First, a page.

Fifteen years ago today, in the early working hours of the morning, I was working for a non-profit organization, busying myself with paperwork and probably sipping coffee. Word spread fast through the three floors of offices that something dreadful had just happened in New York. I and others on my floor rushed up the stairs to the third floor where the AV department and television was. Half the building crowded around that one television; we watched as the second hijacked plane hit the second tower. We watched as it crumbled to the ground, live there before our eyes. We watched as the events were told and retold, discovering then that we as a nation had been attacked by a foreign people on our own soil: the first time since the Revolutionary War.
I went to Ground Zero less than a week after the attack to assist in rescue work. The buildings were still smoldering then, smoke pluming into the air. Chaos reigned in the streets but the people who ran among them carried an air of nationalism about them: we were united. Probably not since the late 1700s had Americans banded together so collectively on one front; the age of the War on Terrorism had begun.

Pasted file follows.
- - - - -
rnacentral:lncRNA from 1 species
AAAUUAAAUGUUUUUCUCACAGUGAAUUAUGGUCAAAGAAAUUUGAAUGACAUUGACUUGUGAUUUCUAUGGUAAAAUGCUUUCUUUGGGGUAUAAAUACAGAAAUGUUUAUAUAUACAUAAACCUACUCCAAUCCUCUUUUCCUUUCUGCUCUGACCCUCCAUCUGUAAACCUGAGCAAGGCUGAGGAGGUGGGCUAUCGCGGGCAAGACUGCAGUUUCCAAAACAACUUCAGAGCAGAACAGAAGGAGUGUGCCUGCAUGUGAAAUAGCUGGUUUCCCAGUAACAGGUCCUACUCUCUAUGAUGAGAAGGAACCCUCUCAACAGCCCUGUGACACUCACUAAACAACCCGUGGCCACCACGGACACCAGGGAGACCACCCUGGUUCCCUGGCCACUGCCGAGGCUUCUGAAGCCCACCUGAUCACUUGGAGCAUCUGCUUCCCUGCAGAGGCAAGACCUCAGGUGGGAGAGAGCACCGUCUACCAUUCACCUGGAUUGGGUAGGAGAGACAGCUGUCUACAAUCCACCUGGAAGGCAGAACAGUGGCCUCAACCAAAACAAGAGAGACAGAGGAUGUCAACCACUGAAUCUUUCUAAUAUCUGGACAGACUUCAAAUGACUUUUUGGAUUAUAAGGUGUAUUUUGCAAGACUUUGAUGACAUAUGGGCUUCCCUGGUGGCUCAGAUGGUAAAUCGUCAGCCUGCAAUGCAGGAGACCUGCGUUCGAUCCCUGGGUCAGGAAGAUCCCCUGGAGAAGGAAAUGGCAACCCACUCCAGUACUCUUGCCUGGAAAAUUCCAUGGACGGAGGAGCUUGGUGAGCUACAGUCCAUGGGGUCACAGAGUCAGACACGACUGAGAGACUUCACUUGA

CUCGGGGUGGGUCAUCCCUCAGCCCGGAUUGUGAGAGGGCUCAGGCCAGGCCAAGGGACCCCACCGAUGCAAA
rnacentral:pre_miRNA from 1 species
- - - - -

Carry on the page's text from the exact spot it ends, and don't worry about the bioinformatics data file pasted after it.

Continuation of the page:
Never before had I seen so many flags flown from so many different perches: the back of pick up trucks, businesses, along an entire neighborhood row of homes. The flag had once again become a symbol of pride and patriotism, of justice and the power of a united people.
Last week my US History classes watched videos from that fateful day and discussed the details known all too well by those affected so intimately. This week those students participated in a photo shoot to remember those we lost on 9/11. Teaching history is like telling ancestral stories passed from one generation to the next. It is an honor to be called teacher, educator, storyteller.
‘Lest we forget.